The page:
Access

You are not currently logged in.

Access your personal account or get JSTOR access through your library or other institution:

login

Log in to your personal account or through your institution.

Patch size and edge proximity are useful predictors of brood parasitism but not nest survival of grassland birds

Thomas J. Benson, Scott J. Chiavacci and Michael P. Ward
Ecological Applications
Vol. 23, No. 4 (June 2013), pp. 879-887
Published by: Wiley
Stable URL: http://www.jstor.org/stable/23440933
Page Count: 9
  • Download ($42.00)
  • Subscribe ($19.50)
  • Cite this Item
Patch size and edge proximity are useful predictors of brood parasitism but not nest survival of grassland birds
Preview not available

Abstract

Declines of migratory birds have led to increased focus on causative factors for these declines, including the potential adverse effects of habitat fragmentation on reproductive success. Although numerous studies have addressed how proximity to a habitat edge, patch size, or landscape context influence nest survival or brood parasitism, many have failed to find the purported effects. Furthermore, many have sought to generalize patterns across large geographic areas and habitats. Here, we examined evidence for effects of edge proximity, patch size, and landscape context on nest survival and brood parasitism of grassland birds, a group of conservation concern. The only consistent effect was a positive association between edge proximity and brood parasitism. We examined effects of patch size on nest survival (37 studies) and brood parasitism (30 studies) representing 170 and 97 different estimates, respectively, with a total sample size of >14 000 nests spanning eastern North America. Nest survival weakly increased with patch size in the Great Plains, but not in the Midwestern or Eastern United States, and brood parasitism was inversely related to patch size and consistently greater in the Great Plains. The consistency in brood parasitism relative to nest survival patterns is likely due to parasitism being caused by one species, while nest survival is driven by a diverse and variable suite of nest predators. Often, studies assume that predators responsible for nest predation, the main driver of nest success, either are the same or exhibit the same behaviors across large geographic areas. These results suggest that a better mechanistic understanding of nest predation is needed to provide meaningful conservation recommendations for improving grassland bird productivity, and that the use of general recommendations across large geographic areas should only be undertaken when sufficient data are available from all regions.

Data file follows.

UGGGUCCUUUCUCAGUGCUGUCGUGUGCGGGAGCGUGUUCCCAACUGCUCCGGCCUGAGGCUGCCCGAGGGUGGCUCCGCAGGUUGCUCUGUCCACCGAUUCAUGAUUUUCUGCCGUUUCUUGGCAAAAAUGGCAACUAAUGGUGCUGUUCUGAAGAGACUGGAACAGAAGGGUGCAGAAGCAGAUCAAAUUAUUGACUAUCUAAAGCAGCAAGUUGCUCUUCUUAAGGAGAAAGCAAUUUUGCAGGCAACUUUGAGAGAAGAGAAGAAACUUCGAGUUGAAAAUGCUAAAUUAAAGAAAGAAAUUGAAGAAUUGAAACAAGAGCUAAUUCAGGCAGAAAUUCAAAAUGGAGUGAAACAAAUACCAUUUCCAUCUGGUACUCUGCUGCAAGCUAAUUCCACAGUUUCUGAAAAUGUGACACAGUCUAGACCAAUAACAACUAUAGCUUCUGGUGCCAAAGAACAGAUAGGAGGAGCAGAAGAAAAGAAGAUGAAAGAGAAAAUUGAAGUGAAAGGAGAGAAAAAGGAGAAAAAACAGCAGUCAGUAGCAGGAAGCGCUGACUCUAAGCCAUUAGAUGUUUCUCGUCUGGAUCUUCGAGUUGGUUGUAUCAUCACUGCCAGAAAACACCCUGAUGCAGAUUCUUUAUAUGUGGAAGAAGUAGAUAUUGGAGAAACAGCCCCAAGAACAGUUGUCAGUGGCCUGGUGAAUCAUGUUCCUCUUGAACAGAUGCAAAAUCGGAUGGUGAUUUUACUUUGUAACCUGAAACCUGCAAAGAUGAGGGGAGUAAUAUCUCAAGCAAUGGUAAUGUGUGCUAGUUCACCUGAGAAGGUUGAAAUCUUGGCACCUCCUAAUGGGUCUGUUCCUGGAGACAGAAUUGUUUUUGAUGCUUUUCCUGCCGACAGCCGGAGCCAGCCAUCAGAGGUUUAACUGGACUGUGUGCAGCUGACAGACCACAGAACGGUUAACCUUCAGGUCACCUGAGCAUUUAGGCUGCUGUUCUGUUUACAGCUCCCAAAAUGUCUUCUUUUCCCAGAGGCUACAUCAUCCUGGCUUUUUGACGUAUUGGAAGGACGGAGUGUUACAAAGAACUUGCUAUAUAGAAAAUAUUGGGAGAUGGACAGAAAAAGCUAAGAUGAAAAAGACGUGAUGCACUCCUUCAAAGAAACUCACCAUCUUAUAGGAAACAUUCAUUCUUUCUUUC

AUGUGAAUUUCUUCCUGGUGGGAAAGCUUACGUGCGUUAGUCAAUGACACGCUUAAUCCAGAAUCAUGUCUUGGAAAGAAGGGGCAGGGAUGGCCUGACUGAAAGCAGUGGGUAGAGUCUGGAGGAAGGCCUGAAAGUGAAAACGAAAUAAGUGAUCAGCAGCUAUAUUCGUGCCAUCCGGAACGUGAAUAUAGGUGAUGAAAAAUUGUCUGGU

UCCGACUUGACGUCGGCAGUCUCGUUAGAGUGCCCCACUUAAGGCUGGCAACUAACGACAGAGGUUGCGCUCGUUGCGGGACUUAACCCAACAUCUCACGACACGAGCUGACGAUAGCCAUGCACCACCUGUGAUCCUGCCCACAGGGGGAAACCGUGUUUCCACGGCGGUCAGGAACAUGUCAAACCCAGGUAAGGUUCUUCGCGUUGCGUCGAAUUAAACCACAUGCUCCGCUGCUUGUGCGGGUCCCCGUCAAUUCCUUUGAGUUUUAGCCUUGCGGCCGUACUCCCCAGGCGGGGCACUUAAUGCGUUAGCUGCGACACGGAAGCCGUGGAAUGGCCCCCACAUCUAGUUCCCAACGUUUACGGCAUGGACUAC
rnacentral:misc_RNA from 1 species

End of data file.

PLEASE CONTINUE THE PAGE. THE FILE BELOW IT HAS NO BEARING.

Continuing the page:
Page Thumbnails

  • Thumbnail: Page 
879
    879
  • Thumbnail: Page 
880
    880
  • Thumbnail: Page 
881
    881
  • Thumbnail: Page 
882
    882
  • Thumbnail: Page 
883
    883
  • Thumbnail: Page 
884
    884
  • Thumbnail: Page 
885
    885
  • Thumbnail: Page 
886
    886
  • Thumbnail: Page 
887
    887